Self-Reported Quality of Life and Symptom Burden in Ambulatory Patients With Multiple Myeloma on Disease-Modifying Treatment
Knowledge of health-related quality of life (QoL) of patients with multiple myeloma on disease-modifying treatments is limited.Aim:
(1) Determine symptom prevalence in patients with multiple myeloma on disease-modifying treatment. Identify the range and nature of these symptoms within the dimensions of physical, psychological, social, and financial well-being. (2) Measure self-reported QoL. (3) Compare the above-mentioned parameters to the general population and patients with advanced cancer.Method:
Adults with multiple myeloma on disease-modifying treatment, attending the hematology day unit in a tertiary referral center from November 2012 to January 2013, were eligible for inclusion in a cross-sectional quantitative survey. Consenting patients completed 2 validated questionnaires, the European Organization for Research and Treatment of Cancer Quality of Life Questionnaire Core 30 (EORTC QLQ-C30) supplemented by the myeloma-specific module (EORTC QLQ-MY20) and the Hospital Anxiety Depression Score (HADS).Results:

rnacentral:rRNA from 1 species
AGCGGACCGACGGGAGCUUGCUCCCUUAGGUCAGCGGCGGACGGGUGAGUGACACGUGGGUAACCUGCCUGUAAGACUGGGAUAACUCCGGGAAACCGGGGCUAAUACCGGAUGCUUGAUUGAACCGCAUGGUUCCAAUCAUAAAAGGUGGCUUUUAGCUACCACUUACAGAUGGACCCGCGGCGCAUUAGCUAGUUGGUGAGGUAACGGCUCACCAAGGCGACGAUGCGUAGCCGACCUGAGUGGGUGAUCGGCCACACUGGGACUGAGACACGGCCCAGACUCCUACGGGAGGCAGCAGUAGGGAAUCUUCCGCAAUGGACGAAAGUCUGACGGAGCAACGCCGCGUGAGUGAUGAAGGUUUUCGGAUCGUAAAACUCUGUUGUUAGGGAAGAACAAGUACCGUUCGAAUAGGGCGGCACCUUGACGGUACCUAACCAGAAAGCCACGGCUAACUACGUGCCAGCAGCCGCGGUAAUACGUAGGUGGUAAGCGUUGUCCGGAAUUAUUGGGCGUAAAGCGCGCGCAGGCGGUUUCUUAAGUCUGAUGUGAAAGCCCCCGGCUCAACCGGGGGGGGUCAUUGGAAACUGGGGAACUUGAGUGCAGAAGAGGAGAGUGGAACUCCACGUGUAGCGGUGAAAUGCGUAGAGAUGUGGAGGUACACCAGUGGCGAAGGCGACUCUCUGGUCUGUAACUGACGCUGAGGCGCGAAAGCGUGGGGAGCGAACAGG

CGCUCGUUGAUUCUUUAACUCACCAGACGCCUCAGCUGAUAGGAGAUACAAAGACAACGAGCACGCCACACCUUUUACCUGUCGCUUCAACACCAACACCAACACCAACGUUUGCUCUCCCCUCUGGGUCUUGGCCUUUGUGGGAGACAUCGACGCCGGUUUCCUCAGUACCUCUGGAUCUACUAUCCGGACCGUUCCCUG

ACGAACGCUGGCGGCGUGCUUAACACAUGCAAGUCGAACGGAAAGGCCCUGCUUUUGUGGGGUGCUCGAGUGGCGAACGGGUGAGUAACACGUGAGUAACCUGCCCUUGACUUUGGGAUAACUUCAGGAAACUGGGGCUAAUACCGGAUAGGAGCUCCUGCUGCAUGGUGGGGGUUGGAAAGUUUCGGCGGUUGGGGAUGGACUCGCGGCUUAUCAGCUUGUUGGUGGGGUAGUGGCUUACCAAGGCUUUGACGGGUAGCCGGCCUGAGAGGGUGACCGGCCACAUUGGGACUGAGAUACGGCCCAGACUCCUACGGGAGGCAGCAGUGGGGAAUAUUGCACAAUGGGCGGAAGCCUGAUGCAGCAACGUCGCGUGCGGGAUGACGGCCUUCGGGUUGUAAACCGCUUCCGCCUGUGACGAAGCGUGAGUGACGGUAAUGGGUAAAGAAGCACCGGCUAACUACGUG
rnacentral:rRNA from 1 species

Forty-one patients were included for analysis: 59% were male and 41% were female. Mean age was 63.7 years (range 46-86, standard deviation 11.24). The QoL scores were significantly lower than the general population and comparable to those with advanced cancer. The most commonly reported physical symptoms were pain (66%), fatigue (63%), and dyspnea (51%). About 54% of the patients were burdened by financial worries. Anxiety (30%) and depression (37%) were prevalent.Conclusion:
Patients with myeloma on disease-modifying treatment have a lower QoL than the general population and are symptomatic across physical, psychological, financial, and social domains. A holistic approach to patient care is warranted, and patients may benefit from specialist palliative care input.